Getting a late start today. No particular reason…
First, Happy Memorial Day, although that doesn’t seem right to say on a day that commemorates our fallen service members. We owe a lot to the men and women who gave their lives in the struggle to maintain our freedom, and sadly, there’s no way to thank them for it. Someone posted on Instagram (I’m having trouble finding it) that today is a day to celebrate the freedom the fallen have bought for us and paid with their lives. I think that’s as good a way as any to think of it. And let’s not forget the other fallen veterans, the dogs, horses, goats, mules, carrier pigeons, camels and other animals who lost their lives in the cause.
Memorial Day was celebrated on May 30 from 1868 until 1970, after which the celebration was moved to the last Monday in May. WLS in Chicago started publishing its weekly survey in October 1960, so here are the #1 songs from the survey immediately preceding May 30 for each year from 1961 through 1970. WCFL started playing Top 40 in late 1965, so I’ll give the song that was #1 for them starting in 1966.
- 1961: Ricky Nelson, “Hello Mary Lou” One of my favorites, largely due to the James Burton guitar solo that inspired so many guitar players, or so it seems. Jumped all the way from #9 the week before. (Survey from May 27.)
- 1962: Ray Charles, “I Can’t Stop Loving You” Having conquered the world of R&B, Ray tackled country music and was just as successful. Jumped from #8 the week before. (May 26.)
- 1963: Lesley Gore, “It’s My Party” Lesley was celebrating her last week at #1 with this song on Memorial Day. The next day, she was supplanted by Ryu Sakamoto’s “Sukiyaki” (“Ue O Muite Arokou”), which jumped from #13 the previous week. (May 24)
- 1964: The Beatles, “Love Me Do” A two-sided hit with “P.S. I Love You”, it remained at #1 from the week before. I’m pretty certain this isn’t The Fab Four doing this, but I couldn’t find an actual version. (May 29)
- 1965: Herman’s Hermits, “Silhouettes” An upbeat cover of The Rays’ 1957 song, this stayed at #1 from the week before. (May 28)
- 1966: The Rolling Stones, “Paint It Black” Hopped to the top spot from #5 the week before, supplanting The Mamas & Papas’ “Monday, Monday.” Down Wacker Drive at WCFL, “Monday, Monday” still topped the chart. (May 27)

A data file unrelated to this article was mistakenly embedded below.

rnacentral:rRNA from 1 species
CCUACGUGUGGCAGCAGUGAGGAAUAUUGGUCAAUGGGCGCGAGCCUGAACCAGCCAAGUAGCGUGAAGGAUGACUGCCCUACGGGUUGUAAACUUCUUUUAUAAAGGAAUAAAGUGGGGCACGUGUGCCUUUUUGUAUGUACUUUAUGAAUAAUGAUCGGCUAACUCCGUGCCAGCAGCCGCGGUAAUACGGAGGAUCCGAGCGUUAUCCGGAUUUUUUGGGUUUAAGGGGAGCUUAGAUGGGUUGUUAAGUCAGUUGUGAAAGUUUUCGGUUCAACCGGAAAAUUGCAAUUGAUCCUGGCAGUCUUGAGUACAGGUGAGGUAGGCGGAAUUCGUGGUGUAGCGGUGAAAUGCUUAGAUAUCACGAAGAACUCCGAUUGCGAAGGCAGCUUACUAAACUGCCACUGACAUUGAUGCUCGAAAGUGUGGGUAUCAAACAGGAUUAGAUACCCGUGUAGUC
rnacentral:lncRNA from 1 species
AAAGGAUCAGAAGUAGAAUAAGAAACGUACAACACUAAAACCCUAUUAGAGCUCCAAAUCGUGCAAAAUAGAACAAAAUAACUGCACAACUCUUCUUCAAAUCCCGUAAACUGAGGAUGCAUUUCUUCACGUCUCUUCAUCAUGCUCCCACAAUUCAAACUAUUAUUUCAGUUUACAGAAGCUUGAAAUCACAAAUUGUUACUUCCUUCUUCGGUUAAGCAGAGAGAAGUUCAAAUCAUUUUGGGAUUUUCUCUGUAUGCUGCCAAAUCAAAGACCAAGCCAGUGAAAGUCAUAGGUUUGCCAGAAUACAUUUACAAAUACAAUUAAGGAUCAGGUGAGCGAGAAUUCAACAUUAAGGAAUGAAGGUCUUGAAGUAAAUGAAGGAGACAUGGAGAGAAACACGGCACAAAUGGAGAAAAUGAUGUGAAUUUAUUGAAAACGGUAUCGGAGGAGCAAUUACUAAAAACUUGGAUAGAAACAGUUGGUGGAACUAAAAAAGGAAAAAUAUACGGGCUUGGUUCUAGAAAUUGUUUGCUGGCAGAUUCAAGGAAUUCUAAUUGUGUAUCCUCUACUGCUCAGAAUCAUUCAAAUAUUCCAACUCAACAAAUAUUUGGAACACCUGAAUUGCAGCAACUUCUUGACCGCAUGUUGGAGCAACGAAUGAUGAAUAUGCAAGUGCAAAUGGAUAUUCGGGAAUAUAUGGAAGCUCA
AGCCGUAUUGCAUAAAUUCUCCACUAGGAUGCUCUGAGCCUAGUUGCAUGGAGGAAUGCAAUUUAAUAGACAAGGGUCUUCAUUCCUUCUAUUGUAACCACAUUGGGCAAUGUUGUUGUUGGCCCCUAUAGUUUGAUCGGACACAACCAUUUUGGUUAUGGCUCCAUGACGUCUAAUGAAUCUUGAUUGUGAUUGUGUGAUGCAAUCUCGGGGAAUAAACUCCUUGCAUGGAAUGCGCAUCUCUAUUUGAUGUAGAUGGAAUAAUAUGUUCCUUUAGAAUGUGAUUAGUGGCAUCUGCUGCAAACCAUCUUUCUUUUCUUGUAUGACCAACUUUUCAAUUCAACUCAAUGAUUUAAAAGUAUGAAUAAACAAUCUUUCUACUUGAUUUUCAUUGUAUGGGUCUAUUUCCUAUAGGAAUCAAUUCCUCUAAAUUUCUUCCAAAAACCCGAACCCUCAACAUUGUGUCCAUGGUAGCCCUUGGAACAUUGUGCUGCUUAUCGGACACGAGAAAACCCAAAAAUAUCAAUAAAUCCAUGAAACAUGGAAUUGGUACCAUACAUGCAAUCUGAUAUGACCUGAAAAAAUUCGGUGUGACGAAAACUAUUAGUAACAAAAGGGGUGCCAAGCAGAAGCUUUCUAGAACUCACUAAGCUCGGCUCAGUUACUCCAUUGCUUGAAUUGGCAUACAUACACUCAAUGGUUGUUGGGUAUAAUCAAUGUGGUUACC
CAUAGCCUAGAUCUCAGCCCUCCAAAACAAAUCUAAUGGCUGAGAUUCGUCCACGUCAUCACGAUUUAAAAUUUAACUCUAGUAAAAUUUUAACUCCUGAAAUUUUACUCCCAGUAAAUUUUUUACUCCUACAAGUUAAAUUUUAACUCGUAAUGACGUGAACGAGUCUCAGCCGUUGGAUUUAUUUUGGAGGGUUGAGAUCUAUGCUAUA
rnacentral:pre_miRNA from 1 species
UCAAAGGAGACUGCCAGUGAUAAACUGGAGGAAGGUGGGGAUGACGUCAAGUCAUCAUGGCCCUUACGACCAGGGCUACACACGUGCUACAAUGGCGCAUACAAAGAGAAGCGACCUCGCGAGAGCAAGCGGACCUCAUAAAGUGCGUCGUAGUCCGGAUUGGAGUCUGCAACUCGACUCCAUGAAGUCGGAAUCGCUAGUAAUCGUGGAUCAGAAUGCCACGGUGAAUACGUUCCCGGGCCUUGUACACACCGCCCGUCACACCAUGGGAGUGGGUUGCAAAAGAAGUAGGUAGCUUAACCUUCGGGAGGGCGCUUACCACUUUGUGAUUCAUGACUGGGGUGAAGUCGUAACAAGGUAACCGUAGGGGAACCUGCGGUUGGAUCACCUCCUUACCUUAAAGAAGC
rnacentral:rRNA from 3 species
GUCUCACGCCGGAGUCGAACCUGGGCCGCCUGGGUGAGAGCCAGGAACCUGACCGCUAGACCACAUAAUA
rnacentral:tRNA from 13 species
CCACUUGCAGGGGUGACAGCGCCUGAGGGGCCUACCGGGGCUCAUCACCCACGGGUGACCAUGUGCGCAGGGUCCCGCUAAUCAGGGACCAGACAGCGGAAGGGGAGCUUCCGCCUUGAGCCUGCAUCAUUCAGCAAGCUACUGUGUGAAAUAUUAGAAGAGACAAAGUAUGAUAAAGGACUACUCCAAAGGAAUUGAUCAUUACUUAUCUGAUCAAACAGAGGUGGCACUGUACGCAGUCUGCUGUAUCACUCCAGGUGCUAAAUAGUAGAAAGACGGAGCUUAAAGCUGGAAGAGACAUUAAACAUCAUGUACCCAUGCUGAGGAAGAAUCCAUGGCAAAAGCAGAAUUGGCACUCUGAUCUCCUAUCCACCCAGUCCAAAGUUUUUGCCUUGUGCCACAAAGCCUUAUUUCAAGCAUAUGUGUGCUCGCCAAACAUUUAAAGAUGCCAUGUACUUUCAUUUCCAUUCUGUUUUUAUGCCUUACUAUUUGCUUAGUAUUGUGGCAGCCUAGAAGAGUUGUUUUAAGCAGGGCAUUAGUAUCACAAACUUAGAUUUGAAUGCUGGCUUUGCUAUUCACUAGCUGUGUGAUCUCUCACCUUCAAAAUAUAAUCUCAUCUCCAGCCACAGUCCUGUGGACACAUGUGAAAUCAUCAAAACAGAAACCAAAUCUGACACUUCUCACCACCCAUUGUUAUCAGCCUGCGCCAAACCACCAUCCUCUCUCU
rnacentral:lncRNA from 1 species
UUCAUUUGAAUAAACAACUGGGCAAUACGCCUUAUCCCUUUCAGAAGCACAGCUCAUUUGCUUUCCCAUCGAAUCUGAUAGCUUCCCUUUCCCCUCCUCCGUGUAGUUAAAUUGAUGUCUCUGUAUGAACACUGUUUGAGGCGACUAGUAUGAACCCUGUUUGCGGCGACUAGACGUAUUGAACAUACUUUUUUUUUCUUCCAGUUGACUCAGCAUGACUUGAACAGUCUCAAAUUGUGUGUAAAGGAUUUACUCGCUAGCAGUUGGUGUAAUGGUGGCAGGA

- 1967: Jefferson Airplane, “Somebody To Love” Knocked Tommy James & The Shondells’ “Mirage” out of the top spot. The same exact thing happened at Marina City on WCFL, one of the few times they were in sync. (May 26)
- 1968: The Ohio Express, “Yummy, Yummy, Yummy” Bubblegum reigned supreme as “Yummy3” spent another week atop the Silver Dollar Survey. Meanwhile, the last take-home survey WCFL issued was from the week before (May 23), when Tommy James & The Shondells’ “Mony Mony” topped the survey. There was no survey the week of the 30th, and the June 6 survey (of which one copy was sent to the record stores) had “Yummy, Yummy, Yummy” in the top spot. (May 27)
- 1969: The Beatles, “Get Back” The Beatles, who were on the verge of breaking up by now, topped the charts for a second consecutive week. A visit to your local record store on May 28 showed that “Get Back” as well as its flip side, “Don’t Let Me Down,” topped the Big 10. (May 26)
- 1970: Creedence Clearwater Revival, “Up Around The Bend” CCR overtook Simon & Garfunkel’s oft-reviled “Cecilia” for the top spot at The Big 89. Vanity Fare’s “Hitchin’ A Ride” topped The Big 10 Countdown for a second week. (May 25)
I’ve enjoyed my month as your Guest Conductor, and hey, if you’re interested in joining us on Mondays, here’s what you do: check Xmas Dolly’s blog for the theme of the day, build your playlist (and it doesn’t have to be ten songs long, and it doesn’t even have to be a playlist) accordingly, and, when you’ve published your post, go to the Linky, which this week is
and enter your information. Then go visit the other bloggers doing this, who will be listed on the Linky page.
And that’s Monday’s Music Moves Me for Memorial Day, May 28, 2018.